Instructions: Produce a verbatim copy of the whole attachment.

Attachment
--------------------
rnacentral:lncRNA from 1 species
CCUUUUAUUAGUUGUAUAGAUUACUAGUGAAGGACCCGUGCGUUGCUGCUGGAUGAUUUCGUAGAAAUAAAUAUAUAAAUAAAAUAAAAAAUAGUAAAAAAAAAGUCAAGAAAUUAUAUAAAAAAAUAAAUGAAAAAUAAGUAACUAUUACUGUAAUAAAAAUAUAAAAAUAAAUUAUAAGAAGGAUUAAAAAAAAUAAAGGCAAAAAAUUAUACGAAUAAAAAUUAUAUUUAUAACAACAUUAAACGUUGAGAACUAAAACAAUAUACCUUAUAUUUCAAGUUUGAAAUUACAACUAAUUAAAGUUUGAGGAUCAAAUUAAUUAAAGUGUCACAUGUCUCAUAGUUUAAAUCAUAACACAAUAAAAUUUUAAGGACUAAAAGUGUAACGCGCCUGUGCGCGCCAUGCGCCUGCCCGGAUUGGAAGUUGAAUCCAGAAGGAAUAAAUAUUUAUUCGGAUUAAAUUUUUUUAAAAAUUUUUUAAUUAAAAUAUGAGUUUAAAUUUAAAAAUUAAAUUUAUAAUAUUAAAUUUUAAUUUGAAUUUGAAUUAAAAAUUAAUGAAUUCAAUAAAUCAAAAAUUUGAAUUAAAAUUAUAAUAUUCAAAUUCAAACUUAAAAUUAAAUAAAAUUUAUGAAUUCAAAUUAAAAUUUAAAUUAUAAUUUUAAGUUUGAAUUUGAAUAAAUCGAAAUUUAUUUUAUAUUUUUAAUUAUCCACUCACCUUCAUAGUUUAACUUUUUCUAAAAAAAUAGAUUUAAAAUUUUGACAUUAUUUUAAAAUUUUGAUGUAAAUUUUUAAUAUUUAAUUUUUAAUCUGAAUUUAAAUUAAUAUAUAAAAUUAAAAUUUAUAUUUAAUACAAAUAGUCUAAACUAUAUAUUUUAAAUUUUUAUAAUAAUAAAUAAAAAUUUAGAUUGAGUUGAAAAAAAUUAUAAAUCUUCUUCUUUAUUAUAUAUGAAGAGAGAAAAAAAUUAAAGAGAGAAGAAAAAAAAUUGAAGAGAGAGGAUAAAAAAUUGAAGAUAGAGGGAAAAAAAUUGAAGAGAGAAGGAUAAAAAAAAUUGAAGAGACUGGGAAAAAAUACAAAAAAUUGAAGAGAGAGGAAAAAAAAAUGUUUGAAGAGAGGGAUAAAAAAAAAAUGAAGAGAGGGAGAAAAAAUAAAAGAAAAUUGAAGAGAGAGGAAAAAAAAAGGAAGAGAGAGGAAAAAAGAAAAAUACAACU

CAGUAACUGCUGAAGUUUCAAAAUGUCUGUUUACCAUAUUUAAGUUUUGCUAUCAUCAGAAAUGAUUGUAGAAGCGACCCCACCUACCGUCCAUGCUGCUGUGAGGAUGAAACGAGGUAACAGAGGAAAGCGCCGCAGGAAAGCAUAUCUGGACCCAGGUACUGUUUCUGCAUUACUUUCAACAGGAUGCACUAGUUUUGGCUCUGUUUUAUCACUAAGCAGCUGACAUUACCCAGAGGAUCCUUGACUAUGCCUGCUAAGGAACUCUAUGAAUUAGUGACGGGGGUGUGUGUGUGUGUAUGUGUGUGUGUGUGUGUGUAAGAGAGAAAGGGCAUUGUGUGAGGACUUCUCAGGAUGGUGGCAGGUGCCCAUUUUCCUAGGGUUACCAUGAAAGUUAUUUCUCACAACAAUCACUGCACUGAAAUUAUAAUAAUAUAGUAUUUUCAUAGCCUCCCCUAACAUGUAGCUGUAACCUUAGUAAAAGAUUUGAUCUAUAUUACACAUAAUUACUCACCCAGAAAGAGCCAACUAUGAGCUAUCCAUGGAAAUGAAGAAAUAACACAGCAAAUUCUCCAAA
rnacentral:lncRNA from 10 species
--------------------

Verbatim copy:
rnacentral:lncRNA from 1 species
CCUUUUAUUAGUUGUAUAGAUUACUAGUGAAGGACCCGUGCGUUGCUGCUGGAUGAUUUCGUAGAAAUAAAUAUAUAAAUAAAAUAAAAAAUAGUAAAAAAAAAGUCAAGAAAUUAUAUAAAAAAAUAAAUGAAAAAUAAGUAACUAUUACUGUAAUAAAAAUAUAAAAAUAAAUUAUAAGAAGGAUUAAAAAAAAUAAAGGCAAAAAAUUAUACGAAUAAAAAUUAUAUUUAUAACAACAUUAAACGUUGAGAACUAAAACAAUAUACCUUAUAUUUCAAGUUUGAAAUUACAACUAAUUAAAGUUUGAGGAUCAAAUUAAUUAAAGUGUCACAUGUCUCAUAGUUUAAAUCAUAACACAAUAAAAUUUUAAGGACUAAAAGUGUAACGCGCCUGUGCGCGCCAUGCGCCUGCCCGGAUUGGAAGUUGAAUCCAGAAGGAAUAAAUAUUUAUUCGGAUUAAAUUUUUUUAAAAAUUUUUUAAUUAAAAUAUGAGUUUAAAUUUAAAAAUUAAAUUUAUAAUAUUAAAUUUUAAUUUGAAUUUGAAUUAAAAAUUAAUGAAUUCAAUAAAUCAAAAAUUUGAAUUAAAAUUAUAAUAUUCAAAUUCAAACUUAAAAUUAAAUAAAAUUUAUGAAUUCAAAUUAAAAUUUAAAUUAUAAUUUUAAGUUUGAAUUUGAAUAAAUCGAAAUUUAUUUUAUAUUUUUAAUUAUCCACUCACCUUCAUAGUUUAACUUUUUCUAAAAAAAUAGAUUUAAAAUUUUGACAUUAUUUUAAAAUUUUGAUGUAAAUUUUUAAUAUUUAAUUUUUAAUCUGAAUUUAAAUUAAUAUAUAAAAUUAAAAUUUAUAUUUAAUACAAAUAGUCUAAACUAUAUAUUUUAAAUUUUUAUAAUAAUAAAUAAAAAUUUAGAUUGAGUUGAAAAAAAUUAUAAAUCUUCUUCUUUAUUAUAUAUGAAGAGAGAAAAAAAUUAAAGAGAGAAGAAAAAAAAUUGAAGAGAGAGGAUAAAAAAUUGAAGAUAGAGGGAAAAAAAUUGAAGAGAGAAGGAUAAAAAAAAUUGAAGAGACUGGGAAAAAAUACAAAAAAUUGAAGAGAGAGGAAAAAAAAAUGUUUGAAGAGAGGGAUAAAAAAAAAAUGAAGAGAGGGAGAAAAAAUAAAAGAAAAUUGAAGAGAGAGGAAAAAAAAAGGAAGAGAGAGGAAAAAAGAAAAAUACAACU

CAGUAACUGCUGAAGUUUCAAAAUGUCUGUUUACCAUAUUUAAGUUUUGCUAUCAUCAGAAAUGAUUGUAGAAGCGACCCCACCUACCGUCCAUGCUGCUGUGAGGAUGAAACGAGGUAACAGAGGAAAGCGCCGCAGGAAAGCAUAUCUGGACCCAGGUACUGUUUCUGCAUUACUUUCAACAGGAUGCACUAGUUUUGGCUCUGUUUUAUCACUAAGCAGCUGACAUUACCCAGAGGAUCCUUGACUAUGCCUGCUAAGGAACUCUAUGAAUUAGUGACGGGGGUGUGUGUGUGUGUAUGUGUGUGUGUGUGUGUGUAAGAGAGAAAGGGCAUUGUGUGAGGACUUCUCAGGAUGGUGGCAGGUGCCCAUUUUCCUAGGGUUACCAUGAAAGUUAUUUCUCACAACAAUCACUGCACUGAAAUUAUAAUAAUAUAGUAUUUUCAUAGCCUCCCCUAACAUGUAGCUGUAACCUUAGUAAAAGAUUUGAUCUAUAUUACACAUAAUUACUCACCCAGAAAGAGCCAACUAUGAGCUAUCCAUGGAAAUGAAGAAAUAACACAGCAAAUUCUCCAAA
rnacentral:lncRNA from 10 species